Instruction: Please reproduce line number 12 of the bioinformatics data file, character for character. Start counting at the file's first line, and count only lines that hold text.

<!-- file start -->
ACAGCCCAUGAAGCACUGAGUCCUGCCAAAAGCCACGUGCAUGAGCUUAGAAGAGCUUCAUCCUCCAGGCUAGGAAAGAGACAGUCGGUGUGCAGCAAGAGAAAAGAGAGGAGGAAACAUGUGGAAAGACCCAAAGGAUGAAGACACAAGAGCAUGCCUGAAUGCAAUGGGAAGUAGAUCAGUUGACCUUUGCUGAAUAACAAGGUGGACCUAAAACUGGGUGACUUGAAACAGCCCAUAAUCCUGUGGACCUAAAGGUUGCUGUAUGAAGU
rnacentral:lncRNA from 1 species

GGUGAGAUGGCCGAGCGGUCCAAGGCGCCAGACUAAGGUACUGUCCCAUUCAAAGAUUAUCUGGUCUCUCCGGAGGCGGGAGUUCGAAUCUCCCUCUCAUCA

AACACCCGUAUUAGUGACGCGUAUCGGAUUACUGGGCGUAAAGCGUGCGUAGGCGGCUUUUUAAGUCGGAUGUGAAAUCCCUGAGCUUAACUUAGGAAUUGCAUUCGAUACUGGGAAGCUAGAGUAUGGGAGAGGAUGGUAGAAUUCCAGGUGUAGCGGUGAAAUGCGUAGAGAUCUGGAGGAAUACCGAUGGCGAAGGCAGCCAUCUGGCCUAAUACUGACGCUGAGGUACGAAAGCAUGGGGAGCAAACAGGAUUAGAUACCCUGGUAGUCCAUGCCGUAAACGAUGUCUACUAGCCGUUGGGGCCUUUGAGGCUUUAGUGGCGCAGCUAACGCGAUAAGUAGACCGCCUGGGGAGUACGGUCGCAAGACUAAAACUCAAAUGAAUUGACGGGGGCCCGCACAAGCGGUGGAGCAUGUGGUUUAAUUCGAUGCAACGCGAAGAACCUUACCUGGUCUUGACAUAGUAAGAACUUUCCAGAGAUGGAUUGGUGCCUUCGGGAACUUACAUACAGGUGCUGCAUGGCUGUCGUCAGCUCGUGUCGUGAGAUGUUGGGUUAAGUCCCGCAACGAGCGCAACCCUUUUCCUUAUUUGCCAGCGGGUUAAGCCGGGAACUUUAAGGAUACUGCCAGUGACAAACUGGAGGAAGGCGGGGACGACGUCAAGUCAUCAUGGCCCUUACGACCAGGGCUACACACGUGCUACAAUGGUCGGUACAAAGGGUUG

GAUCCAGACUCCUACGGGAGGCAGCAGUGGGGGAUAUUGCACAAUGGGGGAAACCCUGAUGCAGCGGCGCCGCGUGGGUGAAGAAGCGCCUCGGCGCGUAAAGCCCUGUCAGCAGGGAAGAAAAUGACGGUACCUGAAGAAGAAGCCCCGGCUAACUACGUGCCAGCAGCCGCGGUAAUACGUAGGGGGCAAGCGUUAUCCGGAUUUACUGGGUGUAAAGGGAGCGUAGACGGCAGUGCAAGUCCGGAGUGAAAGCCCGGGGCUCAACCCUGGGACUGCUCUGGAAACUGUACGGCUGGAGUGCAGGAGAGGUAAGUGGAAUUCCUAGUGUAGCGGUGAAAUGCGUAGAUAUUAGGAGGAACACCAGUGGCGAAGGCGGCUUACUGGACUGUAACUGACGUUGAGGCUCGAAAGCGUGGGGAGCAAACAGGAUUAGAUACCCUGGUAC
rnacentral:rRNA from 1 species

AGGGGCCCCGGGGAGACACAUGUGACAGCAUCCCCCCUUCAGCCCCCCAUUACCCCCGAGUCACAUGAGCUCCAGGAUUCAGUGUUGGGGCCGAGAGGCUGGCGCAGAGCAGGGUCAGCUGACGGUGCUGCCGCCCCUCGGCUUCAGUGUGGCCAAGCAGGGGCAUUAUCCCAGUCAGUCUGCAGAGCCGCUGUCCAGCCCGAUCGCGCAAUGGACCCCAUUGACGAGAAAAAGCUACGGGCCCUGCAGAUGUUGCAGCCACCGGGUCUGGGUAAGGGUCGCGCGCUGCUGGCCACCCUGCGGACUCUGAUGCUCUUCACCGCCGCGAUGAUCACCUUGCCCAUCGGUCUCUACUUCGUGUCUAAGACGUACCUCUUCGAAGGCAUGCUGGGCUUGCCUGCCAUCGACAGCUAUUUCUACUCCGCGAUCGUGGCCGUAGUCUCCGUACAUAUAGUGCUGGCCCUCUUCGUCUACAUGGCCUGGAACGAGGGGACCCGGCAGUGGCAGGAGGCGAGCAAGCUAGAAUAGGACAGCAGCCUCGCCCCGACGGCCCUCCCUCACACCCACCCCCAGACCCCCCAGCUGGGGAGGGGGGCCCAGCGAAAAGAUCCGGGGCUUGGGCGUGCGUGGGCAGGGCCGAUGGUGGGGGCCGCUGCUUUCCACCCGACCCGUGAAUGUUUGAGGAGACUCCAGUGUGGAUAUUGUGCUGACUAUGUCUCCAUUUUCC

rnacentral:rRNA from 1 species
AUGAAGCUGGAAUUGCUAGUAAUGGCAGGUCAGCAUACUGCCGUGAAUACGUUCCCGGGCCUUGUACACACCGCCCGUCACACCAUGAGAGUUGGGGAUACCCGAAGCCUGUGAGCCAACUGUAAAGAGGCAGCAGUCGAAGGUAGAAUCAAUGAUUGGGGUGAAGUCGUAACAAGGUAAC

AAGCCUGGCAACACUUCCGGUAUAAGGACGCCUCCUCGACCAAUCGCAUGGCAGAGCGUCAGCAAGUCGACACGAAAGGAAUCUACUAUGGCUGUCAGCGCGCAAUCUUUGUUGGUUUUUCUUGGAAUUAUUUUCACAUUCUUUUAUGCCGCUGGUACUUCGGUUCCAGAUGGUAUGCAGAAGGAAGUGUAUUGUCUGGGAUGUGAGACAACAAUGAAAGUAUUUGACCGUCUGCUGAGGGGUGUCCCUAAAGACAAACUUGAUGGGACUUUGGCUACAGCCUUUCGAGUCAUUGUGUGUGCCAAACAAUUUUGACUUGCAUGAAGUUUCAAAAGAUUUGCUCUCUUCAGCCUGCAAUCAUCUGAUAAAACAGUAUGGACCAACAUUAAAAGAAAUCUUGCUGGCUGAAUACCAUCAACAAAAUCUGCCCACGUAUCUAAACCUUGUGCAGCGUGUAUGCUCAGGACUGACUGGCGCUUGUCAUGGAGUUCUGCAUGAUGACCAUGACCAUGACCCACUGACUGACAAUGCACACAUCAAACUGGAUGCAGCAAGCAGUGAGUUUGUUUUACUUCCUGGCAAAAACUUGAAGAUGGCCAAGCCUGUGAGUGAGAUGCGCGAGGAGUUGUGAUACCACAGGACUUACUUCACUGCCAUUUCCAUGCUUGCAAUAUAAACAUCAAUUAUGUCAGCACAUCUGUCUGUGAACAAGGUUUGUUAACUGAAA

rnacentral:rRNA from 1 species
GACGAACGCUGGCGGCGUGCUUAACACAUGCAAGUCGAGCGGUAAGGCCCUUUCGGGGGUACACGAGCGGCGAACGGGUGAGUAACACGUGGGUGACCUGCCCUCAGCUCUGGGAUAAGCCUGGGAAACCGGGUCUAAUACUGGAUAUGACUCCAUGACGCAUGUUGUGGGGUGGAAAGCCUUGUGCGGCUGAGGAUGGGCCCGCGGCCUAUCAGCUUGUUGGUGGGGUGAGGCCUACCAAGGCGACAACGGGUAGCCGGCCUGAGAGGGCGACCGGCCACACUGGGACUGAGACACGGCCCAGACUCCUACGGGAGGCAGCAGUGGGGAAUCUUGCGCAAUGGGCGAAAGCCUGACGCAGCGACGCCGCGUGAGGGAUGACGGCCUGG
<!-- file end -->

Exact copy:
GACGAACGCUGGCGGCGUGCUUAACACAUGCAAGUCGAGCGGUAAGGCCCUUUCGGGGGUACACGAGCGGCGAACGGGUGAGUAACACGUGGGUGACCUGCCCUCAGCUCUGGGAUAAGCCUGGGAAACCGGGUCUAAUACUGGAUAUGACUCCAUGACGCAUGUUGUGGGGUGGAAAGCCUUGUGCGGCUGAGGAUGGGCCCGCGGCCUAUCAGCUUGUUGGUGGGGUGAGGCCUACCAAGGCGACAACGGGUAGCCGGCCUGAGAGGGCGACCGGCCACACUGGGACUGAGACACGGCCCAGACUCCUACGGGAGGCAGCAGUGGGGAAUCUUGCGCAAUGGGCGAAAGCCUGACGCAGCGACGCCGCGUGAGGGAUGACGGCCUGG